The Pause-- DR state 46 and Pause-- IR state 58 are included so that shifting of data through the test data or instruction register can be temporarily halted. This might be necessary in order to allow an Automatic Test Equipment system to reload its connection memory from disc during application of a long test sequence. Boundary scan test sequences are likely to extend to the order of 107 test patterns for complex board designs.
FIG. 4 is an electrical schematic of a standard boundary scan cell 28 in accordance with IEEE standard 1149.1. The cell can be used as either an input cell or an output cell as explained below. Cell 28 typically includes a control multiplexer 68, a transparent D-Latch 70, a test register 72 and a multiplexer 74. When used as an output cell, input 76 of multiplexer 68 is connected to the core and output 78 is connected to the pad. These are reversed when the cell is used as an input cell. Test register 72 is controlled by a BscanClock signal 75, which is the Test Clock signal, and receives the output of multiplexer 74. Multiplexer 74 is controlled by a ShiftBscan signal 86 and has two inputs, namely, a BscanSI signal 82 and output 78 of multiplexer 68.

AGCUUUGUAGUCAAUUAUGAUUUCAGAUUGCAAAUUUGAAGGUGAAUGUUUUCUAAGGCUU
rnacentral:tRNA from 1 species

The output of Test Register 72 is connected to a BscanSO output 84 which, in turn, is connected to the BscanSI input 82 of the next boundary scan cell in the scan cell chain and to the input of D-Latch 70. When used as an output cell, the output of the Test Register is output through D-Latch 70 when an UpdateBscan signal 80 is high. The output of D-Latch 70 is applied to the other input 92 of multiplexer 68 which is controlled by a SelectJTagInput or SelectJTagOutput signal, applied to input 88, which determine whether the cell is used as an input cell or output cell. When used as an input cell, a BscanClock pulse is applied to the clock input of Test Register 72 to output its data to the BscanSO output 84.